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Hawaiian Sues FAA Over Damage to Alaska Aircraft

Two merging airlines still have one dispute to settle: Who should pay for damage from one airline’s aircraft to another?
Despite their planned merger in the near future, Hawaiian Airlines and Alaska Airlines have yet to settle the case of one airline's aircraft damaging the other's -- and who is to blame for the mishap.


Industry blog Paddle Your Own Kanoo reports Hawaiian Airlines is suing the Federal Aviation Administration over damage one of their aircraft caused to a now retired Alaska Airlines aircraft.


Hawaiian Alleges FAA Ground Controller Caused Incident After Approving Engine Run-Up

The incident took place on July 21, 2021, at Oakland Airport (OAK) in California. According to Hawaiian’s account of the incident, airline maintenance engineers wanted to do an engine run-up on one of their aircraft, but the airport’s enclosure was unavailable.


Instead, they claim the ground controller at the time directed the aircraft to a remote taxiway so that it wouldn’t cause any problems for other aircraft. When an aircraft tug came to move the airframe into place, the airline claims the FAA ground controller then changed their mind and told the maintenance crew to perform the engine run-up at their location. When they did, the jet engine blast threw debris and aircraft stairs into a nearby Alaska Airlines Airbus A320.


Alaska demanded that Hawaiian pay for the damages, totaling over $6.2 million. However, Hawaiian says the FAA should be held liable for that amount, because they blame the ground carrier for the errant instructions. The FAA has not responded to the allegations, and a judge has not ruled in the case.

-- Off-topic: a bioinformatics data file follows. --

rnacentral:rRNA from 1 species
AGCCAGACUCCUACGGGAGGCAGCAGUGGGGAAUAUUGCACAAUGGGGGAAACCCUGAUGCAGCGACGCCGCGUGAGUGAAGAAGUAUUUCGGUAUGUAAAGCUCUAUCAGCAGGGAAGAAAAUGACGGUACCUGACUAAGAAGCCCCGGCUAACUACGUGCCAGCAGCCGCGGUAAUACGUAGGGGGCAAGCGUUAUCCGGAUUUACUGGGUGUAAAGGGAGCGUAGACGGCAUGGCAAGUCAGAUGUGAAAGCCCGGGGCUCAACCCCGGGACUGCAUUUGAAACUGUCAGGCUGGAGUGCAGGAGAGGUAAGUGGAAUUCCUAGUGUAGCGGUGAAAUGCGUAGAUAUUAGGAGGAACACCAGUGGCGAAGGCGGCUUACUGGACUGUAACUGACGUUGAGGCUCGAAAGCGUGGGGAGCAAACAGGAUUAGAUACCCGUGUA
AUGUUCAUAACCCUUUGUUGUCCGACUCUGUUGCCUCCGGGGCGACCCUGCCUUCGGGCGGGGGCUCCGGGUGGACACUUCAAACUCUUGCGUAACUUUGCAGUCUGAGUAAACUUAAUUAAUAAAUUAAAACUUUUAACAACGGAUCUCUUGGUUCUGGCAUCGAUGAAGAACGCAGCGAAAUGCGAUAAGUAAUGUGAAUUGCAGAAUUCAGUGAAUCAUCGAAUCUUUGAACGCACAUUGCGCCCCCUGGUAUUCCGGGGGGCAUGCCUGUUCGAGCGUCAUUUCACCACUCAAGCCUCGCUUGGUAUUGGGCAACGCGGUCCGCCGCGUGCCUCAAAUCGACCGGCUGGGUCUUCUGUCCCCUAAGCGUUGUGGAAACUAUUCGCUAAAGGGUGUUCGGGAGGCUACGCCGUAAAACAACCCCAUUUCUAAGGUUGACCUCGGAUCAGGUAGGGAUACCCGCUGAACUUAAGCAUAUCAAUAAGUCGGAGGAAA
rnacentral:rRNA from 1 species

The airframe in question was ultimately taken out of the Alaska fleet as they moved back to an all-Boeing fleet after their merger with Virgin America. It was ultimately sold to Allegiant Air last year.


In December 2023, the two airlines announced plans to merge in a $1.9 billion purchase deal. If the lawsuit were to fail, it could turn into a case of the airline paying itself back for its own damages – but a ruling is still pending.

Bobber395 June 28, 2024

The Maintenance Engineers have no control or authority of when and where they run the engine. If the airport knew their engine run up area was going to be out of service, they should have established procedures on where high power runs would be completed. The ATC controls should have been aware of the procedures. The maintenance engineers also do not have a birds eye view of everything going on like the ATC does. Sure they can eyeball it and think yeah that plane behind looks gar enough away. But the ATC controllers have charts and airport maps and know the exact distance. This was 100% ATC controllers fault. They have the ultimate authority of where maintenance engineers can run engines.

SamirD June 28, 2024

I think if a cop told me to run a red light and I did, I think an accident would be my fault because I didn't use my better judgement.  If it was clear that running up the engines would result in stuff flying away, they should not have done it even with clearance.  And imo any damage is their fault because of poor judgement.  It shouldn't take 3 years to get a judgement on this other than HA just trying to pay less than the full amount.

dliesse June 27, 2024

No, can't agree with HA on this one.  They still have 100% responsibility for the safe operation of their aircraft, whether on the ground or in the air.